Working of the Two-Phase Commit Protocol

Learn how the two-phase commit protocol provides atomicity.

Two-phase commit (2PC) has two phases—prepare and commit. Intuitively, the prepare phase asks everyone: can you do X? If everyone says yes, then the commit phase asks them to do X. If anyone says no, X can not be done at that moment. In many databases, the required data is shipped to specific participants before starting a 2PC transaction. A unique identifier is provided for such data, which is later used in 2PC phases. Some participants start acquiring required locks in preparation for an impending 2PC, while others acquire locks in the preparation phase. Both of these strategies have their pros and cons. Latency can be reduced by acquiring locks early, though if a coordinator fails after sending data but before starting a 2PC transaction, data items will be unnecessarily locked, potentially reducing the availability of that data.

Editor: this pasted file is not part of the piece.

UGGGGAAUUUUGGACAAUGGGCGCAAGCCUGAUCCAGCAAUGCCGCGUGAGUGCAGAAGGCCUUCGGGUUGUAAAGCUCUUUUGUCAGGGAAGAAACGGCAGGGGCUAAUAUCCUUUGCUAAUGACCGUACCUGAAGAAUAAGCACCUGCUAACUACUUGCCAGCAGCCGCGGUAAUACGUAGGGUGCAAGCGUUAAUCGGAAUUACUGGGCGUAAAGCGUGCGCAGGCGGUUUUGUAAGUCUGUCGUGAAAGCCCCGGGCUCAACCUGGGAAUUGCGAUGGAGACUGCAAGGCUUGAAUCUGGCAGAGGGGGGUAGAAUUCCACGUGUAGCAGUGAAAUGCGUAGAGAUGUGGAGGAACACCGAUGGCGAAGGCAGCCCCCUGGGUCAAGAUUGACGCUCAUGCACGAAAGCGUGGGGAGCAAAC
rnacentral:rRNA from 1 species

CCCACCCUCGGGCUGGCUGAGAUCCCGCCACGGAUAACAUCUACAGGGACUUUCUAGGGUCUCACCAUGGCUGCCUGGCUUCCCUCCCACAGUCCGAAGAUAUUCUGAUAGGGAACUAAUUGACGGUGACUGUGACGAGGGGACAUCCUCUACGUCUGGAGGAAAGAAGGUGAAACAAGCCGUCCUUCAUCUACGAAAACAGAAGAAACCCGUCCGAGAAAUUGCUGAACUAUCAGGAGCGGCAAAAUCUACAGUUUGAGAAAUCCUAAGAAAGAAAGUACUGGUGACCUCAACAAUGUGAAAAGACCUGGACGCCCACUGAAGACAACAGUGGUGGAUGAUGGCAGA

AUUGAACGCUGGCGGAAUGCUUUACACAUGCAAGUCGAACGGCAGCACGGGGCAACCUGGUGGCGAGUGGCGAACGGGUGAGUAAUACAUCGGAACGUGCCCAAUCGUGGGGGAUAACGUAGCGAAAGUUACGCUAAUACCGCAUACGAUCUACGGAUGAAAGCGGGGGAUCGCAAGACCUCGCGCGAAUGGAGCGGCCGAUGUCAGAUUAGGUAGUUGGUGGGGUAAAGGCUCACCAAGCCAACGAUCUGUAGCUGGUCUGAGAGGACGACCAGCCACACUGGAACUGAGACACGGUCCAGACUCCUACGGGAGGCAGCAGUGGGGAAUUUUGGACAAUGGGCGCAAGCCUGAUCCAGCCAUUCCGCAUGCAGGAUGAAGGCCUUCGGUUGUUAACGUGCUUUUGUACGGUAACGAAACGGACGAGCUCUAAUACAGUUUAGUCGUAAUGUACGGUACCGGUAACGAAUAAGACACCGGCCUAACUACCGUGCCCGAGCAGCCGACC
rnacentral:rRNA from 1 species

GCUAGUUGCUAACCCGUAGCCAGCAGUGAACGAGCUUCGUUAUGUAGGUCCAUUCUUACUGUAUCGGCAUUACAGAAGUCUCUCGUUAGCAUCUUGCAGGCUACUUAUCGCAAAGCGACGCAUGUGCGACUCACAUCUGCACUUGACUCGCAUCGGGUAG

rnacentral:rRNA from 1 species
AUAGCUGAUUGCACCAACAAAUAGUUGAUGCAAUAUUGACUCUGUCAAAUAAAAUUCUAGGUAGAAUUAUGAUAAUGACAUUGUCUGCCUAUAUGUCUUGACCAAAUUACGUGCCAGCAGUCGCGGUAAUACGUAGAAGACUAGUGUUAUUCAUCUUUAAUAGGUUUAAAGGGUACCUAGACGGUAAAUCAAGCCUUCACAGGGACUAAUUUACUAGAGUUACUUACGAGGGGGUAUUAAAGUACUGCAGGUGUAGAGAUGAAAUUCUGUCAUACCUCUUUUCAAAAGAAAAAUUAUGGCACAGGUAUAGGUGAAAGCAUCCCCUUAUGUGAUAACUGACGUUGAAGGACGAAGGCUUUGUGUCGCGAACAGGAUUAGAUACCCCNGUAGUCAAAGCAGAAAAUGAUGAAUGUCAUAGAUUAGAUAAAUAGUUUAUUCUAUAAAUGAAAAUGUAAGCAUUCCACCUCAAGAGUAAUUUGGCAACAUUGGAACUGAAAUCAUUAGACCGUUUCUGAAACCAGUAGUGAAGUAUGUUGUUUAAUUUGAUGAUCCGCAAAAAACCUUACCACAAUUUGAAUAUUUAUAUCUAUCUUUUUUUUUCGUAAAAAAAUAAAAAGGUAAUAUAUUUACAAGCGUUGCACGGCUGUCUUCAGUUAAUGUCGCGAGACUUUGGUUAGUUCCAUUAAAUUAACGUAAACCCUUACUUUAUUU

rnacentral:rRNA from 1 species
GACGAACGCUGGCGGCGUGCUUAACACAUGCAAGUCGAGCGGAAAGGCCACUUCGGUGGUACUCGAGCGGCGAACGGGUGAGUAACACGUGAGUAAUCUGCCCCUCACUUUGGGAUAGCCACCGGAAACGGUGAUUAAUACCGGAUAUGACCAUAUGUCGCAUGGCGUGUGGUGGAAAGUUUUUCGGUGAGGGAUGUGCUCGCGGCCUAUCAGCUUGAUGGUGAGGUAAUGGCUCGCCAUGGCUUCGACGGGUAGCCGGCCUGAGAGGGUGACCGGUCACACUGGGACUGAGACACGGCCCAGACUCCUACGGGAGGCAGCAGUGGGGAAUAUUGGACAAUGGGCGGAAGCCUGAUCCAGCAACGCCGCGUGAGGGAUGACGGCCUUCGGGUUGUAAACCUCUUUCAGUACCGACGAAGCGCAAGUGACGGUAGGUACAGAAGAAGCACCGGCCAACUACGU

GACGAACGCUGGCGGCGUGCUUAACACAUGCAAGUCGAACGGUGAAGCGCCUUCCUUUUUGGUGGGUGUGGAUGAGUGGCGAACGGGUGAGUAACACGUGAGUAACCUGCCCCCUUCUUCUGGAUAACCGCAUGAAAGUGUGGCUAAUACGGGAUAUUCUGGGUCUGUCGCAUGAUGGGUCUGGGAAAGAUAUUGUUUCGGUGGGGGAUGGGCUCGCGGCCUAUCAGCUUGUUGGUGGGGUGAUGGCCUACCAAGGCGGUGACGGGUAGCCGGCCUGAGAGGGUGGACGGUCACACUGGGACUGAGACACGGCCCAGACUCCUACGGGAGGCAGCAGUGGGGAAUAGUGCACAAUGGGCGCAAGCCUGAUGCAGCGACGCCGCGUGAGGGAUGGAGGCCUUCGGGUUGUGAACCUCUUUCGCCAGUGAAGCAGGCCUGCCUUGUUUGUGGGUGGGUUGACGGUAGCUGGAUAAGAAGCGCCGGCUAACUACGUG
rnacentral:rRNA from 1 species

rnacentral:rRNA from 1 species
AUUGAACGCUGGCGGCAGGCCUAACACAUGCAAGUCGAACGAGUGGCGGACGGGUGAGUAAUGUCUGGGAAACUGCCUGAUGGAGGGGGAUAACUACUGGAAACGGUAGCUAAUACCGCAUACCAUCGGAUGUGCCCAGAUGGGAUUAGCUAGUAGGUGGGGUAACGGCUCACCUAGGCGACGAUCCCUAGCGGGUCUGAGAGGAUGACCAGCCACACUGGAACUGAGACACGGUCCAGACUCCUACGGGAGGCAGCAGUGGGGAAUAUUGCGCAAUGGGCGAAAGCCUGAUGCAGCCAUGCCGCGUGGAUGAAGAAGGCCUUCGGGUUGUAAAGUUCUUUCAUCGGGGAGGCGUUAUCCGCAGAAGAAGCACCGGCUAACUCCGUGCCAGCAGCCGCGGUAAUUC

The prepare phase

The two-phase commit (2PC) process begins with the coordinator informing cohorts of the new transaction by sending a prepare message. Cohorts evaluate whether they can execute the portion of the transaction that pertains to them and make a decision to commit or abort. If a cohort determines that it can execute, it reports to the coordinator of its affirmative vote. If not, it informs the coordinator, who then aborts the transaction and lets the rest of the cohorts know. Cohorts typically lock the data they will be modifying during the prepare phase and hold on to those locks until the end of the commit phase. This ensures that conflicting transactions cannot modify the same data simultaneously. Once the cohorts promise to commit or abort, there is no way for them to back off from that decision in 2PC unilaterally. The coordinator records all decisions made by cohorts in its log and maintains a local copy of their vote to guard against failures during a 2PC transaction.

Level up your interview prep. Join Educative to access 70+ hands-on prep courses.